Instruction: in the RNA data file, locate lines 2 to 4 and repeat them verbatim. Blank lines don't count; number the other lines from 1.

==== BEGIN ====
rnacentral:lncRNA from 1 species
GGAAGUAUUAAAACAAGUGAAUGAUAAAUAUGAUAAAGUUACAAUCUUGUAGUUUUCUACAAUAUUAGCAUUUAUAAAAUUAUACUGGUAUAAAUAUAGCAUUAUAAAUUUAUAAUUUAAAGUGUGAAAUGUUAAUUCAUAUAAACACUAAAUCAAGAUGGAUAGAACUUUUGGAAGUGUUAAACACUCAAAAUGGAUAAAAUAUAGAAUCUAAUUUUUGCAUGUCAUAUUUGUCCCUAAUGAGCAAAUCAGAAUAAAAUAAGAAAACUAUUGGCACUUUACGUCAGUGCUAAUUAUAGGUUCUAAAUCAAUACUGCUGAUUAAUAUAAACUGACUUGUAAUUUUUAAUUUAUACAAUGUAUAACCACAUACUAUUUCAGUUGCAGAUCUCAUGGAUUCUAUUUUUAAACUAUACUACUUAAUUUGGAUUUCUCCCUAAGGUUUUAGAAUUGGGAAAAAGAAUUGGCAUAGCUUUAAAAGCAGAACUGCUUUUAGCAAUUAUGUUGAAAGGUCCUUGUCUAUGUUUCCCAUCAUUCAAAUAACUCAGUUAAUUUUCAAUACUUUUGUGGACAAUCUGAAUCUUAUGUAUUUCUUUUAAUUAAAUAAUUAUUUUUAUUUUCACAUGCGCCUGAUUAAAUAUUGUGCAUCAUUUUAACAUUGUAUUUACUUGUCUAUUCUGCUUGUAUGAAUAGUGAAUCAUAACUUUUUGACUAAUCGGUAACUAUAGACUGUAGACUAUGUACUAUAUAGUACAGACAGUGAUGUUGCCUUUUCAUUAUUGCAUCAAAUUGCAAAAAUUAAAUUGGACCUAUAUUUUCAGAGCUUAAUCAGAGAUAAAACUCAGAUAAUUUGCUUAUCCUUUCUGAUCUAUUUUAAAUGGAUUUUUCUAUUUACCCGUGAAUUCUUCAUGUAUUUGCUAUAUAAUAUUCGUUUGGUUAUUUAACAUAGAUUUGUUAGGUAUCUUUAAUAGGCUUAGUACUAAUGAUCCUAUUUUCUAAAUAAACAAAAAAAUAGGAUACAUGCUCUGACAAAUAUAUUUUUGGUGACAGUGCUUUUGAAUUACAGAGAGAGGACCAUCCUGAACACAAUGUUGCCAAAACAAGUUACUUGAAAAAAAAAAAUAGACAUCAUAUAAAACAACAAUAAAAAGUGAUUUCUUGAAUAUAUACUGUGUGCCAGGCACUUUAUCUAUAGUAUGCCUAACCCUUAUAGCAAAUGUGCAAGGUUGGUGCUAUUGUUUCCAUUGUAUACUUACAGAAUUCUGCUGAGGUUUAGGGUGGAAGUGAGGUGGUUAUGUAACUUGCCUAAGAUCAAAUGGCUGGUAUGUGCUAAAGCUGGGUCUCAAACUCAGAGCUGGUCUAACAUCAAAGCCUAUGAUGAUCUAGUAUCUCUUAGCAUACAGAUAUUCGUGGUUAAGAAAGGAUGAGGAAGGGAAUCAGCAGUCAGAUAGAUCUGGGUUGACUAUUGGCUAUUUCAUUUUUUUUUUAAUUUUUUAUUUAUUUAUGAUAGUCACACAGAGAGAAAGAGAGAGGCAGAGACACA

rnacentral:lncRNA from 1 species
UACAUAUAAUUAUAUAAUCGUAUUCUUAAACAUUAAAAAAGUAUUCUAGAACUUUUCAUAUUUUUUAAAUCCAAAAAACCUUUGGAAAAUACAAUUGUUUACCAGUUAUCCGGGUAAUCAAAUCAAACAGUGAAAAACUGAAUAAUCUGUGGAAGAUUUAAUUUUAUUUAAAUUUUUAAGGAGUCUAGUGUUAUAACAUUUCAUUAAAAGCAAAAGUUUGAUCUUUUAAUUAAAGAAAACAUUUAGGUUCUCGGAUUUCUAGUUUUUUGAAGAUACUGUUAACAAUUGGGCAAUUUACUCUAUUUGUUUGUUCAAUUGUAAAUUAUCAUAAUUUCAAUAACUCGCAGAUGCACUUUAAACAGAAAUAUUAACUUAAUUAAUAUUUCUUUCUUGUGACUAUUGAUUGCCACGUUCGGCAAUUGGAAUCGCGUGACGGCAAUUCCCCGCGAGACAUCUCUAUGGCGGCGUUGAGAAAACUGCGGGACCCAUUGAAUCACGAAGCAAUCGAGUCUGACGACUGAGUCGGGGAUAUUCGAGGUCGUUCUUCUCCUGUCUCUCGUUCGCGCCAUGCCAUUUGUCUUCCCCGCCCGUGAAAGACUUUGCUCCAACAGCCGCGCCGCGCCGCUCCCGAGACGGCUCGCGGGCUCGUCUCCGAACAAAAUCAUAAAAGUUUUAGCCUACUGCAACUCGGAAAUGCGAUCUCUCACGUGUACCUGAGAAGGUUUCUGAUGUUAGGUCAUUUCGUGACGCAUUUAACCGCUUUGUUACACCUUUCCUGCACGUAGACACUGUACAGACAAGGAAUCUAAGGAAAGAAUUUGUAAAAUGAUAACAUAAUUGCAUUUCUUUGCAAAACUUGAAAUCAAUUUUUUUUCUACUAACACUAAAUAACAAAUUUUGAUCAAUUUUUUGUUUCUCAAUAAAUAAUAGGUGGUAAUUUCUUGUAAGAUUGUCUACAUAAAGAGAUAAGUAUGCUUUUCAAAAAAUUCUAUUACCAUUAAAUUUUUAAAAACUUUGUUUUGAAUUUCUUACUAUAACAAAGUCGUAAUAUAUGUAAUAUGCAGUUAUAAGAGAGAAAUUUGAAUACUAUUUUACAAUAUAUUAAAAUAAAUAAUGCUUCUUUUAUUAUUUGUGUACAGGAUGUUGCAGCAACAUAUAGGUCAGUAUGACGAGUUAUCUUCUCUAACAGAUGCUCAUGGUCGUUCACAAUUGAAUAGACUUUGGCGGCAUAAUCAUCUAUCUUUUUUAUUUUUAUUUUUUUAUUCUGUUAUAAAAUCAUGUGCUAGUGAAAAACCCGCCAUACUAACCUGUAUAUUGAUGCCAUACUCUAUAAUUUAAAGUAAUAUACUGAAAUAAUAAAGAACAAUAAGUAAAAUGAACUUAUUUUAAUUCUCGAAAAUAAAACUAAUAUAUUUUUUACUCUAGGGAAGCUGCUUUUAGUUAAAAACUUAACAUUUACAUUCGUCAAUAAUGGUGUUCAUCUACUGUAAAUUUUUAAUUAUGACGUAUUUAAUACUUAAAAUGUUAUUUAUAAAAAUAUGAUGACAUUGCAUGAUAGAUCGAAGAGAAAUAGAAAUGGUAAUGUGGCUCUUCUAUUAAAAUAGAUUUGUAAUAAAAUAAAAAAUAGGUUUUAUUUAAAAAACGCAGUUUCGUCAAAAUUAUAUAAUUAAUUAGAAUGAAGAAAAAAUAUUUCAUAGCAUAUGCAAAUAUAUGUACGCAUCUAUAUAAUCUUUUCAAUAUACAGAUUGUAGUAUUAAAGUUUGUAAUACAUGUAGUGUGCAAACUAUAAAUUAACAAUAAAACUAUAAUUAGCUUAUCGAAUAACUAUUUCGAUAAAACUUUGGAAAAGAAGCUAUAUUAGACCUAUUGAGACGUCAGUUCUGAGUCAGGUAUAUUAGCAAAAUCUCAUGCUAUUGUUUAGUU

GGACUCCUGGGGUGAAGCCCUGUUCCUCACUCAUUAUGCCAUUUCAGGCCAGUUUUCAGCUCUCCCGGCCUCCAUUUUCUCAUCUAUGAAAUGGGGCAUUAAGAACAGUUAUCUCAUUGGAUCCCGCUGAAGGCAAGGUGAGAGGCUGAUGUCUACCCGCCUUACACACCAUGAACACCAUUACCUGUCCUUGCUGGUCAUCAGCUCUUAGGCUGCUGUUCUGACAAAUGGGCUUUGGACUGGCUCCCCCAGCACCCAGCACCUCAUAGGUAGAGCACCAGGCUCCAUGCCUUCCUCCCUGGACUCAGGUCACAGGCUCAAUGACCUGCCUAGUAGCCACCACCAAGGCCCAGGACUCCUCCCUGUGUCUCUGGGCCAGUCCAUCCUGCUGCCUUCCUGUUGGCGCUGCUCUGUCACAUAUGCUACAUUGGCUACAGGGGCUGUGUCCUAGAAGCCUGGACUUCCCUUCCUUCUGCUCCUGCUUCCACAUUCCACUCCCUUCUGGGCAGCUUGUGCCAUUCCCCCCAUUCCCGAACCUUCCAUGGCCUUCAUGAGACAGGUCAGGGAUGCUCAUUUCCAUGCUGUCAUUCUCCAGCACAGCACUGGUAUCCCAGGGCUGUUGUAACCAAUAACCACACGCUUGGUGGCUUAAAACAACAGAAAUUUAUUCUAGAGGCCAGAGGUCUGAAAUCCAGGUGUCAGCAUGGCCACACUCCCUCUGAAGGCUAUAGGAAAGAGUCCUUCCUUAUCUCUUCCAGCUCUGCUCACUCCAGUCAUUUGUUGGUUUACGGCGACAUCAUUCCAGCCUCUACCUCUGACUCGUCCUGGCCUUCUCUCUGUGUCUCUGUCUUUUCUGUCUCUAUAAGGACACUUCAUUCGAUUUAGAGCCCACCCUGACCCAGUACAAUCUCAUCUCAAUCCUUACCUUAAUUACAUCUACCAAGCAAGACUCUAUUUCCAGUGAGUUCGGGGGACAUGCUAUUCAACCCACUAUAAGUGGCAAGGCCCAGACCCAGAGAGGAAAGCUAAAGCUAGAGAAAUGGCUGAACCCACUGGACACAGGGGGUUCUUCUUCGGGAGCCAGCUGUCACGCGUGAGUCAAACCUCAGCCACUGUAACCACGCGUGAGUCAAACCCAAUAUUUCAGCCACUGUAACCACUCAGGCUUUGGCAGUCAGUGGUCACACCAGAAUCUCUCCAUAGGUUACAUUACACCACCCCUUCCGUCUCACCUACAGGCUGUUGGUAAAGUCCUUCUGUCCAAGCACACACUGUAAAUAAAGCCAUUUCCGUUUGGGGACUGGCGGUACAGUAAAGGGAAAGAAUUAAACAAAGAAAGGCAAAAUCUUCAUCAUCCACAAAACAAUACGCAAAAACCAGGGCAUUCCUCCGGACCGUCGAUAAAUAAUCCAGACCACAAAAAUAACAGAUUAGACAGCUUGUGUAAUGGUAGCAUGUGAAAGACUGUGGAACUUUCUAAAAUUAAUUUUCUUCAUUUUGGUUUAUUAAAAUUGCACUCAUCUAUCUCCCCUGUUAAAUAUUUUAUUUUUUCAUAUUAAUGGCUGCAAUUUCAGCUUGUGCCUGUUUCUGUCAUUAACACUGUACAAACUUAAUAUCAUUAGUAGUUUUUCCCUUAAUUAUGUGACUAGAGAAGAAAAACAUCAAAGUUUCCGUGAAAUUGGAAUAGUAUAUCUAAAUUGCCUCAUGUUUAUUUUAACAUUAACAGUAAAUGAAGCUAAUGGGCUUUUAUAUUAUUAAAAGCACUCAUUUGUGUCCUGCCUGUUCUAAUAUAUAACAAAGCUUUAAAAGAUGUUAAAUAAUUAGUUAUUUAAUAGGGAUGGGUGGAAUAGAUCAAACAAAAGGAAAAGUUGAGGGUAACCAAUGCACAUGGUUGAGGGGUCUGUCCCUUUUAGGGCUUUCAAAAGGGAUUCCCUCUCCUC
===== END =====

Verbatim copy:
GGAAGUAUUAAAACAAGUGAAUGAUAAAUAUGAUAAAGUUACAAUCUUGUAGUUUUCUACAAUAUUAGCAUUUAUAAAAUUAUACUGGUAUAAAUAUAGCAUUAUAAAUUUAUAAUUUAAAGUGUGAAAUGUUAAUUCAUAUAAACACUAAAUCAAGAUGGAUAGAACUUUUGGAAGUGUUAAACACUCAAAAUGGAUAAAAUAUAGAAUCUAAUUUUUGCAUGUCAUAUUUGUCCCUAAUGAGCAAAUCAGAAUAAAAUAAGAAAACUAUUGGCACUUUACGUCAGUGCUAAUUAUAGGUUCUAAAUCAAUACUGCUGAUUAAUAUAAACUGACUUGUAAUUUUUAAUUUAUACAAUGUAUAACCACAUACUAUUUCAGUUGCAGAUCUCAUGGAUUCUAUUUUUAAACUAUACUACUUAAUUUGGAUUUCUCCCUAAGGUUUUAGAAUUGGGAAAAAGAAUUGGCAUAGCUUUAAAAGCAGAACUGCUUUUAGCAAUUAUGUUGAAAGGUCCUUGUCUAUGUUUCCCAUCAUUCAAAUAACUCAGUUAAUUUUCAAUACUUUUGUGGACAAUCUGAAUCUUAUGUAUUUCUUUUAAUUAAAUAAUUAUUUUUAUUUUCACAUGCGCCUGAUUAAAUAUUGUGCAUCAUUUUAACAUUGUAUUUACUUGUCUAUUCUGCUUGUAUGAAUAGUGAAUCAUAACUUUUUGACUAAUCGGUAACUAUAGACUGUAGACUAUGUACUAUAUAGUACAGACAGUGAUGUUGCCUUUUCAUUAUUGCAUCAAAUUGCAAAAAUUAAAUUGGACCUAUAUUUUCAGAGCUUAAUCAGAGAUAAAACUCAGAUAAUUUGCUUAUCCUUUCUGAUCUAUUUUAAAUGGAUUUUUCUAUUUACCCGUGAAUUCUUCAUGUAUUUGCUAUAUAAUAUUCGUUUGGUUAUUUAACAUAGAUUUGUUAGGUAUCUUUAAUAGGCUUAGUACUAAUGAUCCUAUUUUCUAAAUAAACAAAAAAAUAGGAUACAUGCUCUGACAAAUAUAUUUUUGGUGACAGUGCUUUUGAAUUACAGAGAGAGGACCAUCCUGAACACAAUGUUGCCAAAACAAGUUACUUGAAAAAAAAAAAUAGACAUCAUAUAAAACAACAAUAAAAAGUGAUUUCUUGAAUAUAUACUGUGUGCCAGGCACUUUAUCUAUAGUAUGCCUAACCCUUAUAGCAAAUGUGCAAGGUUGGUGCUAUUGUUUCCAUUGUAUACUUACAGAAUUCUGCUGAGGUUUAGGGUGGAAGUGAGGUGGUUAUGUAACUUGCCUAAGAUCAAAUGGCUGGUAUGUGCUAAAGCUGGGUCUCAAACUCAGAGCUGGUCUAACAUCAAAGCCUAUGAUGAUCUAGUAUCUCUUAGCAUACAGAUAUUCGUGGUUAAGAAAGGAUGAGGAAGGGAAUCAGCAGUCAGAUAGAUCUGGGUUGACUAUUGGCUAUUUCAUUUUUUUUUUAAUUUUUUAUUUAUUUAUGAUAGUCACACAGAGAGAAAGAGAGAGGCAGAGACACA

rnacentral:lncRNA from 1 species
UACAUAUAAUUAUAUAAUCGUAUUCUUAAACAUUAAAAAAGUAUUCUAGAACUUUUCAUAUUUUUUAAAUCCAAAAAACCUUUGGAAAAUACAAUUGUUUACCAGUUAUCCGGGUAAUCAAAUCAAACAGUGAAAAACUGAAUAAUCUGUGGAAGAUUUAAUUUUAUUUAAAUUUUUAAGGAGUCUAGUGUUAUAACAUUUCAUUAAAAGCAAAAGUUUGAUCUUUUAAUUAAAGAAAACAUUUAGGUUCUCGGAUUUCUAGUUUUUUGAAGAUACUGUUAACAAUUGGGCAAUUUACUCUAUUUGUUUGUUCAAUUGUAAAUUAUCAUAAUUUCAAUAACUCGCAGAUGCACUUUAAACAGAAAUAUUAACUUAAUUAAUAUUUCUUUCUUGUGACUAUUGAUUGCCACGUUCGGCAAUUGGAAUCGCGUGACGGCAAUUCCCCGCGAGACAUCUCUAUGGCGGCGUUGAGAAAACUGCGGGACCCAUUGAAUCACGAAGCAAUCGAGUCUGACGACUGAGUCGGGGAUAUUCGAGGUCGUUCUUCUCCUGUCUCUCGUUCGCGCCAUGCCAUUUGUCUUCCCCGCCCGUGAAAGACUUUGCUCCAACAGCCGCGCCGCGCCGCUCCCGAGACGGCUCGCGGGCUCGUCUCCGAACAAAAUCAUAAAAGUUUUAGCCUACUGCAACUCGGAAAUGCGAUCUCUCACGUGUACCUGAGAAGGUUUCUGAUGUUAGGUCAUUUCGUGACGCAUUUAACCGCUUUGUUACACCUUUCCUGCACGUAGACACUGUACAGACAAGGAAUCUAAGGAAAGAAUUUGUAAAAUGAUAACAUAAUUGCAUUUCUUUGCAAAACUUGAAAUCAAUUUUUUUUCUACUAACACUAAAUAACAAAUUUUGAUCAAUUUUUUGUUUCUCAAUAAAUAAUAGGUGGUAAUUUCUUGUAAGAUUGUCUACAUAAAGAGAUAAGUAUGCUUUUCAAAAAAUUCUAUUACCAUUAAAUUUUUAAAAACUUUGUUUUGAAUUUCUUACUAUAACAAAGUCGUAAUAUAUGUAAUAUGCAGUUAUAAGAGAGAAAUUUGAAUACUAUUUUACAAUAUAUUAAAAUAAAUAAUGCUUCUUUUAUUAUUUGUGUACAGGAUGUUGCAGCAACAUAUAGGUCAGUAUGACGAGUUAUCUUCUCUAACAGAUGCUCAUGGUCGUUCACAAUUGAAUAGACUUUGGCGGCAUAAUCAUCUAUCUUUUUUAUUUUUAUUUUUUUAUUCUGUUAUAAAAUCAUGUGCUAGUGAAAAACCCGCCAUACUAACCUGUAUAUUGAUGCCAUACUCUAUAAUUUAAAGUAAUAUACUGAAAUAAUAAAGAACAAUAAGUAAAAUGAACUUAUUUUAAUUCUCGAAAAUAAAACUAAUAUAUUUUUUACUCUAGGGAAGCUGCUUUUAGUUAAAAACUUAACAUUUACAUUCGUCAAUAAUGGUGUUCAUCUACUGUAAAUUUUUAAUUAUGACGUAUUUAAUACUUAAAAUGUUAUUUAUAAAAAUAUGAUGACAUUGCAUGAUAGAUCGAAGAGAAAUAGAAAUGGUAAUGUGGCUCUUCUAUUAAAAUAGAUUUGUAAUAAAAUAAAAAAUAGGUUUUAUUUAAAAAACGCAGUUUCGUCAAAAUUAUAUAAUUAAUUAGAAUGAAGAAAAAAUAUUUCAUAGCAUAUGCAAAUAUAUGUACGCAUCUAUAUAAUCUUUUCAAUAUACAGAUUGUAGUAUUAAAGUUUGUAAUACAUGUAGUGUGCAAACUAUAAAUUAACAAUAAAACUAUAAUUAGCUUAUCGAAUAACUAUUUCGAUAAAACUUUGGAAAAGAAGCUAUAUUAGACCUAUUGAGACGUCAGUUCUGAGUCAGGUAUAUUAGCAAAAUCUCAUGCUAUUGUUUAGUU